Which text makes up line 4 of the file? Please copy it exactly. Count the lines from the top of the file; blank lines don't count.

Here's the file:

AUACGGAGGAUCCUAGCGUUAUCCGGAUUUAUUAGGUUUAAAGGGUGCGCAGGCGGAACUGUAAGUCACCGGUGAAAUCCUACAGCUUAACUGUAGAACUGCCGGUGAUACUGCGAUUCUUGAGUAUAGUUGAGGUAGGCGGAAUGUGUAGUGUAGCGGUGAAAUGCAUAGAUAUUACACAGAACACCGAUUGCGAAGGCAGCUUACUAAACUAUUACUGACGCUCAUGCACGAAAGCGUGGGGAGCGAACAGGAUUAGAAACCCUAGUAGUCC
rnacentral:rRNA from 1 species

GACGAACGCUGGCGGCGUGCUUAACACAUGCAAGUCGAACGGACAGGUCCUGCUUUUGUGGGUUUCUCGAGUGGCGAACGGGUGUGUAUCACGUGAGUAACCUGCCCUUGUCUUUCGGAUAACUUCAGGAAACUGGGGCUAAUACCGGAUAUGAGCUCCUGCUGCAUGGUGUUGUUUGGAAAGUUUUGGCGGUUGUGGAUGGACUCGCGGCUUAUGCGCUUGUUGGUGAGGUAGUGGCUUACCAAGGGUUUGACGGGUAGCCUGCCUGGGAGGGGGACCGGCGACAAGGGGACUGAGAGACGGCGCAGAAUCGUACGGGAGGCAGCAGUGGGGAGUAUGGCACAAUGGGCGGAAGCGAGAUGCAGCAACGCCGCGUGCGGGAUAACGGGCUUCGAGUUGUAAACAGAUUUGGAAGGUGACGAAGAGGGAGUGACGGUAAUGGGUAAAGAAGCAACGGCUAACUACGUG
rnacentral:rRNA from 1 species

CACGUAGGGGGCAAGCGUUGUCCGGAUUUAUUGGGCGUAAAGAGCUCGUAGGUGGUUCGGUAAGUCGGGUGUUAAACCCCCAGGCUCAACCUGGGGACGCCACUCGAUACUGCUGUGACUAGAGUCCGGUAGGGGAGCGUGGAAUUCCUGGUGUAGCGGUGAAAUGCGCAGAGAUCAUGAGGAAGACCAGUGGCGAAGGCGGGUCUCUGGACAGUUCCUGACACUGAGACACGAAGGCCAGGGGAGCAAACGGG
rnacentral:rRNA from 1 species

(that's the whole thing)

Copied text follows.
rnacentral:rRNA from 1 species